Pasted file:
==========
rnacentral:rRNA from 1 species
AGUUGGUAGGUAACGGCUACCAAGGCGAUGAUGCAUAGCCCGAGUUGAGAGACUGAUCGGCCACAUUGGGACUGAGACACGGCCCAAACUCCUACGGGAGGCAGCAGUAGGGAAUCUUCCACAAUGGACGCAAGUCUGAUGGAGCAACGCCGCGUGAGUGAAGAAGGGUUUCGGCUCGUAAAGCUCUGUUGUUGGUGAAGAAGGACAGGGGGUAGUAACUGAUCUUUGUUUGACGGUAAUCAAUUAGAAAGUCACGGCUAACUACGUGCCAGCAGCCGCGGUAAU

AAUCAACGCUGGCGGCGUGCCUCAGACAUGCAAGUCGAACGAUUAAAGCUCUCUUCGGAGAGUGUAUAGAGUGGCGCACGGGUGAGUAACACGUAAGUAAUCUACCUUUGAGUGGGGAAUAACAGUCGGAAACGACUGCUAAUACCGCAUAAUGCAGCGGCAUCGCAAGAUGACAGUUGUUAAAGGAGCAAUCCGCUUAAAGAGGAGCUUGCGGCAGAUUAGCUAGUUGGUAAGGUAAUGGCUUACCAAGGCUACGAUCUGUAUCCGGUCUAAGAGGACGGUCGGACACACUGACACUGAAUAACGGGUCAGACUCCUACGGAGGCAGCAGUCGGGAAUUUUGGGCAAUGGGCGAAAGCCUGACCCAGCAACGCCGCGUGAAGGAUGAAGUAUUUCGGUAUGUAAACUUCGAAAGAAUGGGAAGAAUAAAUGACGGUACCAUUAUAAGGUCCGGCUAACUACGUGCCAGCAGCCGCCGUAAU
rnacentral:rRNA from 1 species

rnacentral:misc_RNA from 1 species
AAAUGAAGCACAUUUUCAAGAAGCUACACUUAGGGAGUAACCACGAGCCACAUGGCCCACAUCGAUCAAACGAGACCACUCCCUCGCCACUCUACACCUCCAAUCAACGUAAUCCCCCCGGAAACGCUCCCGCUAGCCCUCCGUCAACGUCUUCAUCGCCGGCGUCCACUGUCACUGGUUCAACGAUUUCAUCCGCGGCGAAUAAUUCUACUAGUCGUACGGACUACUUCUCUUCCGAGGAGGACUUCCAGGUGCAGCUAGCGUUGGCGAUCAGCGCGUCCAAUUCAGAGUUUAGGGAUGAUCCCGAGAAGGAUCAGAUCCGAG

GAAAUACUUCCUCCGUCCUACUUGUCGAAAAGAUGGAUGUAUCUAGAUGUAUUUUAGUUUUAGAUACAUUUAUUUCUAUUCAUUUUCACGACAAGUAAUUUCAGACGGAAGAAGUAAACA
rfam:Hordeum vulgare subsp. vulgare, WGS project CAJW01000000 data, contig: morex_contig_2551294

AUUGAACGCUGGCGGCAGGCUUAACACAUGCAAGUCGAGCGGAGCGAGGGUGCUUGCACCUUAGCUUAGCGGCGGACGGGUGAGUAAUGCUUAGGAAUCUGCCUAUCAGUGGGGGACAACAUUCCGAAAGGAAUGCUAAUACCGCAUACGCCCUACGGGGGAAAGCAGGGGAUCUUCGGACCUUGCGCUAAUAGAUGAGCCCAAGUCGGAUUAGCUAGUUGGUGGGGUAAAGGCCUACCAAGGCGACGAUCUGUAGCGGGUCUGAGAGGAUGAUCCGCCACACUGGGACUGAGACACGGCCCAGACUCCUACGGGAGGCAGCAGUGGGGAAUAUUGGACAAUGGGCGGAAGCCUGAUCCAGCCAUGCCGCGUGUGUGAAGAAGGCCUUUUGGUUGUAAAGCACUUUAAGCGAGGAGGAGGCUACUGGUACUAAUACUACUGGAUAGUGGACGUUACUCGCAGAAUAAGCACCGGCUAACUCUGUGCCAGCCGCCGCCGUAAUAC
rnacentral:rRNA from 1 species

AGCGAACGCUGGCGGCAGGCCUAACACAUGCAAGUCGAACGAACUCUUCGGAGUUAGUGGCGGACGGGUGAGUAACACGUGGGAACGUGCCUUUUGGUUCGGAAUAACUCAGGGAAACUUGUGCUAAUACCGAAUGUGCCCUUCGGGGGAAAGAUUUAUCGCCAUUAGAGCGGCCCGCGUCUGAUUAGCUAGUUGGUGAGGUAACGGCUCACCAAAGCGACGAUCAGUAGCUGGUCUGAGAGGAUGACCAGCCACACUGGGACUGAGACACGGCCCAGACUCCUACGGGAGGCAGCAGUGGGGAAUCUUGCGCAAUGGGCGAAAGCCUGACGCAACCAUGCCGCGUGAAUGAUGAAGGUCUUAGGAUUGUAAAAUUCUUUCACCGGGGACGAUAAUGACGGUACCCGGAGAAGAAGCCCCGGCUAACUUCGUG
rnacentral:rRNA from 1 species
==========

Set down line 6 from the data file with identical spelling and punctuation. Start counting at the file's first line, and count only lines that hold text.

AAAUGAAGCACAUUUUCAAGAAGCUACACUUAGGGAGUAACCACGAGCCACAUGGCCCACAUCGAUCAAACGAGACCACUCCCUCGCCACUCUACACCUCCAAUCAACGUAAUCCCCCCGGAAACGCUCCCGCUAGCCCUCCGUCAACGUCUUCAUCGCCGGCGUCCACUGUCACUGGUUCAACGAUUUCAUCCGCGGCGAAUAAUUCUACUAGUCGUACGGACUACUUCUCUUCCGAGGAGGACUUCCAGGUGCAGCUAGCGUUGGCGAUCAGCGCGUCCAAUUCAGAGUUUAGGGAUGAUCCCGAGAAGGAUCAGAUCCGAG